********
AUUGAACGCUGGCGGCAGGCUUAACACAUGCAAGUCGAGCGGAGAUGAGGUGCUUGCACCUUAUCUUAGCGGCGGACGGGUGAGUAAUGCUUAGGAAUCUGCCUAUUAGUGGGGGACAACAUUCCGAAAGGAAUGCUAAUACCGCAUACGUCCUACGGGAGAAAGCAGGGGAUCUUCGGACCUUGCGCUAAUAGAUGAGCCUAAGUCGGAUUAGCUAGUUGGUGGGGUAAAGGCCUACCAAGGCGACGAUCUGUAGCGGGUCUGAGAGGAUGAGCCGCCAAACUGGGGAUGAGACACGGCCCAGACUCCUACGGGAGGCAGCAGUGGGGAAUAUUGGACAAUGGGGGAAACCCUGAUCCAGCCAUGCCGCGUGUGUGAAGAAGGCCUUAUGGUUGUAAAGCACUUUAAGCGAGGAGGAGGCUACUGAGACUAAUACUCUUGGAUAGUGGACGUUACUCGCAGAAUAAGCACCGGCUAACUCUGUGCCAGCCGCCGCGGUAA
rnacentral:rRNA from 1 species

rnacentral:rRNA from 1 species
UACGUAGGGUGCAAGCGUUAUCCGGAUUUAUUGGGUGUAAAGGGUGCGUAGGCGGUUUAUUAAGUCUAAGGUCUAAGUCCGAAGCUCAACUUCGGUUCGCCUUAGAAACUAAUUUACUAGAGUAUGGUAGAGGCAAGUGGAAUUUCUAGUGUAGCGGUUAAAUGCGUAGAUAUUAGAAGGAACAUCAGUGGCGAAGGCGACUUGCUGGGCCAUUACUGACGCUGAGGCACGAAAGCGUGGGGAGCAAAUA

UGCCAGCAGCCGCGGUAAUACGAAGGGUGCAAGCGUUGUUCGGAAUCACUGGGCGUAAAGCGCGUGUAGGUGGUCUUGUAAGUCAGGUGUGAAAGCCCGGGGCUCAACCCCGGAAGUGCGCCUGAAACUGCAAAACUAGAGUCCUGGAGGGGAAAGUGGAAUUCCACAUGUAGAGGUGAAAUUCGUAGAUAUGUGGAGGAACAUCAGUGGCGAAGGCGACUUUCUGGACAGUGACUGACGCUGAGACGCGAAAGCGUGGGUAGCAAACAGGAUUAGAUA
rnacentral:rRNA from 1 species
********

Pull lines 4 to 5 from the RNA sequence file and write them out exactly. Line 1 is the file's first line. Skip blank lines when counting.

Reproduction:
UACGUAGGGUGCAAGCGUUAUCCGGAUUUAUUGGGUGUAAAGGGUGCGUAGGCGGUUUAUUAAGUCUAAGGUCUAAGUCCGAAGCUCAACUUCGGUUCGCCUUAGAAACUAAUUUACUAGAGUAUGGUAGAGGCAAGUGGAAUUUCUAGUGUAGCGGUUAAAUGCGUAGAUAUUAGAAGGAACAUCAGUGGCGAAGGCGACUUGCUGGGCCAUUACUGACGCUGAGGCACGAAAGCGUGGGGAGCAAAUA

UGCCAGCAGCCGCGGUAAUACGAAGGGUGCAAGCGUUGUUCGGAAUCACUGGGCGUAAAGCGCGUGUAGGUGGUCUUGUAAGUCAGGUGUGAAAGCCCGGGGCUCAACCCCGGAAGUGCGCCUGAAACUGCAAAACUAGAGUCCUGGAGGGGAAAGUGGAAUUCCACAUGUAGAGGUGAAAUUCGUAGAUAUGUGGAGGAACAUCAGUGGCGAAGGCGACUUUCUGGACAGUGACUGACGCUGAGACGCGAAAGCGUGGGUAGCAAACAGGAUUAGAUA